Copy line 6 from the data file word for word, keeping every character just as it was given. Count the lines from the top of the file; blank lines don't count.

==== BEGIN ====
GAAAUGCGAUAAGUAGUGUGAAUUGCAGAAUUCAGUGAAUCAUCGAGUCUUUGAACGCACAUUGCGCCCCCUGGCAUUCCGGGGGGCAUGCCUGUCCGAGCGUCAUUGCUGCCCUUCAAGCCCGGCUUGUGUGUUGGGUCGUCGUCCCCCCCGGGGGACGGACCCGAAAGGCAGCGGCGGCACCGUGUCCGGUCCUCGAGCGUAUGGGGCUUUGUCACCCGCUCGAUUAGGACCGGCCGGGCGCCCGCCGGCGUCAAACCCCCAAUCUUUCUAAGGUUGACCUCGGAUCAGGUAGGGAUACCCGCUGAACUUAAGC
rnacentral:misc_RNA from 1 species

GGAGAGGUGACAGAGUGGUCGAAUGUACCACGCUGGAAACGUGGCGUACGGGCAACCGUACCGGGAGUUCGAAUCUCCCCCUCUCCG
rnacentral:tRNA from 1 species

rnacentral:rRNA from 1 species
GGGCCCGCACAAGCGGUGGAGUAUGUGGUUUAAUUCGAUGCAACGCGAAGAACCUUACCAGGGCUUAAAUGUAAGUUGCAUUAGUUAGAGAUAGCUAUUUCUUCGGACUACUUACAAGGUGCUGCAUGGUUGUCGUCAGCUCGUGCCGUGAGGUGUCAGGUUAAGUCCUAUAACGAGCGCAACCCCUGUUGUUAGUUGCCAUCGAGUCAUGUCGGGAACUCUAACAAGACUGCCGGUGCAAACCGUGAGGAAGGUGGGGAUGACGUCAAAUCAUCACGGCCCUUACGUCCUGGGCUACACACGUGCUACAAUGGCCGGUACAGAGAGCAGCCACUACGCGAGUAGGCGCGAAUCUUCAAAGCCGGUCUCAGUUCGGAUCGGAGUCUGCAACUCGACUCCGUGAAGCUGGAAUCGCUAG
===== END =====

GGGCCCGCACAAGCGGUGGAGUAUGUGGUUUAAUUCGAUGCAACGCGAAGAACCUUACCAGGGCUUAAAUGUAAGUUGCAUUAGUUAGAGAUAGCUAUUUCUUCGGACUACUUACAAGGUGCUGCAUGGUUGUCGUCAGCUCGUGCCGUGAGGUGUCAGGUUAAGUCCUAUAACGAGCGCAACCCCUGUUGUUAGUUGCCAUCGAGUCAUGUCGGGAACUCUAACAAGACUGCCGGUGCAAACCGUGAGGAAGGUGGGGAUGACGUCAAAUCAUCACGGCCCUUACGUCCUGGGCUACACACGUGCUACAAUGGCCGGUACAGAGAGCAGCCACUACGCGAGUAGGCGCGAAUCUUCAAAGCCGGUCUCAGUUCGGAUCGGAGUCUGCAACUCGACUCCGUGAAGCUGGAAUCGCUAG